Published on May 24, 2021
Ahmedabad: Jignesh Prajapati (name changed), 41, was brought to a city-based psychiatrist after he showed signs of physical distress including the loss of sleep, appetite, and the lack of drive to do anything. The doctors got to know that Prajapati had lost his father in the pandemic, and he could do nothing, as he was under home isolation. He could not help in hospitalization and later at the funeral.
Thus, his question to the doctors was how could he come to terms with such a death. The last he had seen of his father was when he was taken to the hospital.
Dr Ajay Chauhan, medical superintendent of Government Hospital for Mental Health (HMH), said that the psychology helpline 1100 is getting an increasing number of distress calls spurred by the loss of someone near and dear. “Due to the nature of the pandemic, the relatives often don’t find closure. Thus, grief counselling becomes a necessity,” he said.
Dr Dipti Bhatt, coordinator of the helpline at HMH and senior psychiatrist, said that they are receiving at least two calls daily about grief and loss. “None of us would have seen so many deaths around us in our lives,” she said. “Thus, when it hits close to home, it takes a systematic approach to get the person out. The tell-tale signs of distress include not being able to grieve, communicate, or sleep. Incessant body pain or headache are other signs.”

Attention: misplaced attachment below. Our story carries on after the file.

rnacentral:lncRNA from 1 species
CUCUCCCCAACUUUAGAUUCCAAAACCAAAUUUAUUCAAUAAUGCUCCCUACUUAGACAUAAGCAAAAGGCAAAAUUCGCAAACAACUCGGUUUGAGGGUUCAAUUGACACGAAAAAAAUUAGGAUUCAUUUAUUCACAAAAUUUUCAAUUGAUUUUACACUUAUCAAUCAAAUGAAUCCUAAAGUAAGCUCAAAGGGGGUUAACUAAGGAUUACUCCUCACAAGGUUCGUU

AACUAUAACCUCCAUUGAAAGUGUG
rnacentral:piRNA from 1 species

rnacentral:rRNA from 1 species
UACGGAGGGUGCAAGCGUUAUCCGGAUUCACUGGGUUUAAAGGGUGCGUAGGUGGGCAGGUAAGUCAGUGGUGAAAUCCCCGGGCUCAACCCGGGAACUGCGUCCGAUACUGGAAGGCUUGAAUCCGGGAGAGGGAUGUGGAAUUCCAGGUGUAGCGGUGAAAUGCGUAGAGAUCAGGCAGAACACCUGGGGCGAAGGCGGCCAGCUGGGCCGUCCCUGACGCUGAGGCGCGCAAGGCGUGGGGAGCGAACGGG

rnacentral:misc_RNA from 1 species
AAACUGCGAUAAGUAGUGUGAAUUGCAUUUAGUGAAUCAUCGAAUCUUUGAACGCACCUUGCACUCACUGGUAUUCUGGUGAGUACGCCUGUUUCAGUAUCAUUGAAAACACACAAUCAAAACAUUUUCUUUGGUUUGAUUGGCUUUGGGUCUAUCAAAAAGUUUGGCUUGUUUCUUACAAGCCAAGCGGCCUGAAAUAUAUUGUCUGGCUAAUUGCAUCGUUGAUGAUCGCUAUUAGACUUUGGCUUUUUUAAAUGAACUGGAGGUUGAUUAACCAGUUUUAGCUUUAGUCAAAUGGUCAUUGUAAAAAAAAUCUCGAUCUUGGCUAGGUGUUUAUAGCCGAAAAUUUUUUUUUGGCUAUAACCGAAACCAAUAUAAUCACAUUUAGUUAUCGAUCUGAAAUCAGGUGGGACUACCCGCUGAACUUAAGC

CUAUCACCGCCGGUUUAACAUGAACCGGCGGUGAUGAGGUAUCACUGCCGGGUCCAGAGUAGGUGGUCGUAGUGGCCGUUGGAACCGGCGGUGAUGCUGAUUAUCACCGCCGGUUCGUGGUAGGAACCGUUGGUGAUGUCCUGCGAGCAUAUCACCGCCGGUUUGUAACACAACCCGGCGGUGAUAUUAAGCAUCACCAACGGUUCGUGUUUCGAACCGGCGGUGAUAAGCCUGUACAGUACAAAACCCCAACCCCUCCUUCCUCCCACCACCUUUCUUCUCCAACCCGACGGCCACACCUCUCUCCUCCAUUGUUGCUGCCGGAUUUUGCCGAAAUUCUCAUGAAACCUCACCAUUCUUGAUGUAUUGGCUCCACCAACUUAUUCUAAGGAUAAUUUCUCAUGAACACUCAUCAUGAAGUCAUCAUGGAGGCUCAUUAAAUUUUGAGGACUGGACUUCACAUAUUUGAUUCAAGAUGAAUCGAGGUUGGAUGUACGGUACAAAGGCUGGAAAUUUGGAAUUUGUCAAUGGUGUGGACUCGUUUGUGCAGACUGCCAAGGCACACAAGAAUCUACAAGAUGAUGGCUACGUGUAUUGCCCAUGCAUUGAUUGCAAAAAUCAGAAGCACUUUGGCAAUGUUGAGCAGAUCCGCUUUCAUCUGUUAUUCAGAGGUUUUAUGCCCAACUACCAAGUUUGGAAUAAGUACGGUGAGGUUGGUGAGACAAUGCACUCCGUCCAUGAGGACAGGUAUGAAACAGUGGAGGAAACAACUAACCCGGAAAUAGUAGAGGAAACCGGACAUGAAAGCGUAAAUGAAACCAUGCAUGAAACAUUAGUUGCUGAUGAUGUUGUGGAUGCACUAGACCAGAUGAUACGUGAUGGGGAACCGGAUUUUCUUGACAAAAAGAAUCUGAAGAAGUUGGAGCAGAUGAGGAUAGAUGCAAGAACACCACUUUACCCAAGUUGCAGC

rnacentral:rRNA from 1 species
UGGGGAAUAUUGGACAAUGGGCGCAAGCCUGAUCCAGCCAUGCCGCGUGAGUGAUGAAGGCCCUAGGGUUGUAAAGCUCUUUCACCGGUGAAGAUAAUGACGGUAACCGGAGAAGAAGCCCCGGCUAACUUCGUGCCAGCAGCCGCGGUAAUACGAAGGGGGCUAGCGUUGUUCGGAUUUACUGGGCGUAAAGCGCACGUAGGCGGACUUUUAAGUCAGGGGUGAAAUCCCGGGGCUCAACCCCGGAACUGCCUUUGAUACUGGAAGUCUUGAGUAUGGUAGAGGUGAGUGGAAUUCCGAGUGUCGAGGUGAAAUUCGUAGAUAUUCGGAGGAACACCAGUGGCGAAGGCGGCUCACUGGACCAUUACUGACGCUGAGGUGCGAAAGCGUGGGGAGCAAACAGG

Often the calls are about guilt, helplessness, anger, and despair. “Give yourself time, don’t blame yourself for everything that has happened, and don’t isolate yourself,” said Dr Bhatt. “There is no right way of grieving. But closure and accepting reality is the step in the right direction.”
She said people can channelize the feelings in activities. “Some families encouraged friends and relatives of the departed to plant a tree each in his remembrance,” she said.
Priyanka Adalaja, senior counsellor of Jeevan Aastha helpline (1800 233 3330) said that in one case, a man was asked by a doctor to choose between his wife and his newborn child as they could not save both. “Both were suspected to be Covid-19 positive, and the doctors eventually could not save the child,” she said. “They apparently also refused to treat his wife as it was a non-Covid hospital. He could not come to terms with the loss.”
She added: “It’s very important not to suppress feelings, and to observe them to address them for a proper closure.”